The Castello is also home to a huge antique arts exhibition – the Civiche  Roccolte d’Arte Antica – that contains coins, arts, furniture, and paintings from times immemorial till the present day. There wasn’t an audio guide available at this exhibition and so I quickly glanced through the various artifacts and tried to make sense of the italian descriptions. The collection of furniture items was particularly impressive as you could see how our furniture has evolved over time. My time was quickly running out and I still wanted to goto the last stop on my list – Museo Nazionale della scienza e della Technologia Leonardo da Vinci or The Leonardi da Vinci National Museum of Science and Technology in Milan whose description sounded particularly exciting.

Finding the Science and Technology Museum turned out to be slightly more difficult than I had anticipated. I boarded the Milan Metro and utlimately overshot by one station. As I walked out of the Metro station, I got a glimpse of where real Melanese lived. This was a residential neighborhood – very much like any other place in Pakistan like Gulshan-e-Iqbal for example with a “Juma Bazaar” across the street and lines of fairly run down apartments all over the place. Making note of that, I stepped back into the Metro and arrived at the right stop to find the Museum.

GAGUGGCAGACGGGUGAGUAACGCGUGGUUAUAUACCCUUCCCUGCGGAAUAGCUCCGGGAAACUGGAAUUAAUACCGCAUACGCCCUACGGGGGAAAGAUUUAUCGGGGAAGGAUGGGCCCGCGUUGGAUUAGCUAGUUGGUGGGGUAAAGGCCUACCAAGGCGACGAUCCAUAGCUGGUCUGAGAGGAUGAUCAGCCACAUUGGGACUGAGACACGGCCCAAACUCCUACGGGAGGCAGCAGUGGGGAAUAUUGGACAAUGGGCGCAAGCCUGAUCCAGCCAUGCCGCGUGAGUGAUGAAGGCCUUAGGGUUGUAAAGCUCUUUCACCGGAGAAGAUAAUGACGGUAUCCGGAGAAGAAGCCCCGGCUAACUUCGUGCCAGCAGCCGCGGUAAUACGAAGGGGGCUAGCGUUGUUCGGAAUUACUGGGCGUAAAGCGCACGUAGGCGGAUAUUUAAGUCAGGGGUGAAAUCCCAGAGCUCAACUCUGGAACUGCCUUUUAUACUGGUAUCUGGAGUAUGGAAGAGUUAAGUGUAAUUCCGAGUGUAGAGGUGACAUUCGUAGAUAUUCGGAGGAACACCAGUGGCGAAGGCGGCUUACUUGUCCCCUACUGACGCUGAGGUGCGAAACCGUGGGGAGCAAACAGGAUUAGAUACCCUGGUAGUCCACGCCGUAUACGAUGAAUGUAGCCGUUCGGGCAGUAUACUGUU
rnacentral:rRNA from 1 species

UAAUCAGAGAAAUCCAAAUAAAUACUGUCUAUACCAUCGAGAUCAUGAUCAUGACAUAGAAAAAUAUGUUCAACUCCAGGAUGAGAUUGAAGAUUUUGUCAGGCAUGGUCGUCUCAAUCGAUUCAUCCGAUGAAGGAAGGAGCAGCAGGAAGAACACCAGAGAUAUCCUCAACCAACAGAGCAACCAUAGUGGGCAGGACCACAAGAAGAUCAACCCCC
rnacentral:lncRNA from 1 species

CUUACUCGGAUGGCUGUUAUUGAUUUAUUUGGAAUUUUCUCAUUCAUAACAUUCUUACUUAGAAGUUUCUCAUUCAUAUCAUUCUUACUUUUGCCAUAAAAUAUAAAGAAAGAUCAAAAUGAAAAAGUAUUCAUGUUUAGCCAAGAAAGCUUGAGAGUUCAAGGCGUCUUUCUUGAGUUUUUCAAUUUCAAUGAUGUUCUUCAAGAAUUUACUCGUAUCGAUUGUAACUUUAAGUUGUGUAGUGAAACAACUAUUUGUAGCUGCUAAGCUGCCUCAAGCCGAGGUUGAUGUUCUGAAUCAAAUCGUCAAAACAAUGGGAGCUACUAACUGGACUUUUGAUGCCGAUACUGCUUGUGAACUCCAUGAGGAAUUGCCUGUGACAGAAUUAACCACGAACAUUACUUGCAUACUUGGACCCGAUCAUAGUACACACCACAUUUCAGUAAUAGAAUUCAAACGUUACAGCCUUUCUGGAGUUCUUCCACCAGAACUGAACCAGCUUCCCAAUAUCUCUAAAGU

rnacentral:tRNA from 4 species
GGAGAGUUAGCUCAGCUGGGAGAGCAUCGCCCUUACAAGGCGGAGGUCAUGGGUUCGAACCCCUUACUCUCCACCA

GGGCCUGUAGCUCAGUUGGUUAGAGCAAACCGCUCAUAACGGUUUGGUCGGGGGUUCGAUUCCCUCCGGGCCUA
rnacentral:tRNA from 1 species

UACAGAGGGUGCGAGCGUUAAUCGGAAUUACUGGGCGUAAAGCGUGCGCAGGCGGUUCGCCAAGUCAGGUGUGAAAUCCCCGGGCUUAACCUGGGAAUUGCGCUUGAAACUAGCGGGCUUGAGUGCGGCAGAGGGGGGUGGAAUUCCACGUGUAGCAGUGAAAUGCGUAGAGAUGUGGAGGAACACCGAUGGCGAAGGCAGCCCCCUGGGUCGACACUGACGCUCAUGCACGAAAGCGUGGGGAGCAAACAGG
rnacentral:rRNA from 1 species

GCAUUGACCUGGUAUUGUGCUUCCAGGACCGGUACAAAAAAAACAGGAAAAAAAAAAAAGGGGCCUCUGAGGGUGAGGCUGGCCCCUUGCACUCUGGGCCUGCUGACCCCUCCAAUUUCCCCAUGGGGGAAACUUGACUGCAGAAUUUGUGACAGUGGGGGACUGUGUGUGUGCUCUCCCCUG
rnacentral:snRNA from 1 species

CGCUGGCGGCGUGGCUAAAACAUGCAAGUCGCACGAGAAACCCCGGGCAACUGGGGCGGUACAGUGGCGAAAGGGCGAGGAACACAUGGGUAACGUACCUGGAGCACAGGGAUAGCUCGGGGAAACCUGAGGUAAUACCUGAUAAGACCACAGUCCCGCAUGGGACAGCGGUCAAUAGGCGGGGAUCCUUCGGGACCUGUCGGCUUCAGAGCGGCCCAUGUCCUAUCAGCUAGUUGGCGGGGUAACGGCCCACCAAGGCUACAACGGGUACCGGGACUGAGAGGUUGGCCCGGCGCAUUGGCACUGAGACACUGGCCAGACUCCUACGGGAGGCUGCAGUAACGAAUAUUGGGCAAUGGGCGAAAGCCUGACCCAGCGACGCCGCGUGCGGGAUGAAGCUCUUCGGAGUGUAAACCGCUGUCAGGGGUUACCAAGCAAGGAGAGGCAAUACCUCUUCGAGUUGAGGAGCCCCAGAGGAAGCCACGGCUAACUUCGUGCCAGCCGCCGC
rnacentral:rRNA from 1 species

The Museum of Science and Technology was one of the best that I’ve seen. The Museum is divided into several sections and the exhibits are displayed through several buildings. Over all, there are more than 10,000 objects including original artifacts and models in the Museum. Most displays are organized by a timeline so one could see the evolution of science and technology over time. In the electronics and music technology, for example, one could the entire evolution process of musical technology – players and recording materials – that have evolved over time and culminated today into the DVD today. There were sections on pure sciences, on railway, materials, aviation, marine, robotics, genetic – you name it. Everything from real world aircrafts and submarines to actual prototypes of coal mining technology, goldsmith’s and watchmakers workshops were on display.